Walkers promote green message
Conservationists gather at Trafalgar beach to step it out to promote the need to protect the Admiral...
The dig-out port is earmarked for the old Durban airport which Transnet bought in 2012 for R1.25 billion.
At the time the project was announced, it was expected to cost between R75 billion and R100 billion over 30 years.
There have been previous reports that the project would be delayed, but this is the first time the Transnet National Ports Authority has announced a time frame for when it will begin. In response to The Mercury yesterday, the ports authority said the project fitted into the context of broader plans to increase the handling capacity of the Durban Container Precinct in the Port of Durban.
“Based on current forecasts, the project has been re-baselined and the first phase of the port development will be required only in the year 2032.”
The authority said it would focus on two key projects to optimise the existing capacity of the Durban Container Precinct – namely the Durban Container Terminal berth deepening project and the Salisbury Island infill project.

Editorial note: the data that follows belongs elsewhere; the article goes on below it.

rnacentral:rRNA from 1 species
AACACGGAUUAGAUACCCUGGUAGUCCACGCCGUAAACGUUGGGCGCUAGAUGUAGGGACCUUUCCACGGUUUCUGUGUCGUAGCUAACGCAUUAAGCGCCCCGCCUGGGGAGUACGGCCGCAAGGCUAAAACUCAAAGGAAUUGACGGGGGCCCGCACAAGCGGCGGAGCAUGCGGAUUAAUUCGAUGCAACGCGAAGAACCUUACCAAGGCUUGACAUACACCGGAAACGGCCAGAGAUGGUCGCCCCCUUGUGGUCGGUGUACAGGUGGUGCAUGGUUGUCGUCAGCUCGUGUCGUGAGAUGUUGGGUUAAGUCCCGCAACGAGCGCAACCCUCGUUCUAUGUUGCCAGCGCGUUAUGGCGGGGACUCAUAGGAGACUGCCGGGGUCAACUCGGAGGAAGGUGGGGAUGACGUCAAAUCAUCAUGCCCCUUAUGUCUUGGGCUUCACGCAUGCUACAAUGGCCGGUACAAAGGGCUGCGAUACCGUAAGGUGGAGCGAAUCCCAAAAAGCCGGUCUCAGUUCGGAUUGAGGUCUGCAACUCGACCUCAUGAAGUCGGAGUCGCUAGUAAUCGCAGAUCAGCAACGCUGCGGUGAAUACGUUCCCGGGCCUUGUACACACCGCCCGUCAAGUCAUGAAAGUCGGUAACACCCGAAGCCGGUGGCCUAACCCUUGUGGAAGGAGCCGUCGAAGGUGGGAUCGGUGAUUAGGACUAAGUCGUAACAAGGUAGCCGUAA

These two projects are expected to raise the capacity of the Durban Container Precinct to around 5.3 million TEUs (20foot container equivalents) by 2022/23 from its current capacity of 3.6 million TEUs.
The authority’s response came after the South Durban Community Environmental Alliance said its organised resistance to the dig-out port plans had yielded results.
“This is an important victory for the alliance and the communities it represents, as it means retention of the community space as a residential zone, and no displacement of residents and workers such as the old Durban airport farmers,” the organisation said.
Co-ordinator Desmond D’Sa said the organisation had been told about the delay at two meetings that it had held with the ports authority in May and another earlier this month.
He added that there had also been a verbal undertaking that the 16 airport land farmers, who have been on the site for 30 years, would be allowed to stay there for another decade.
“We have asked for this formally in writing, but we are yet to receive it.”
He said the organisation was still against the project’s ever going ahead.
Transnet did not respond to the issue of the farmers yesterday.
But it said affected people and businesses in the South Durban Basin were an important part of its plans to stimulate economic growth and job creation.
“We will in the near future be embarking on the process of engaging all affected stakeholders regarding these plans, which always take into account the prevailing economic climate, impact on cargo volumes and job creation,” Transnet said.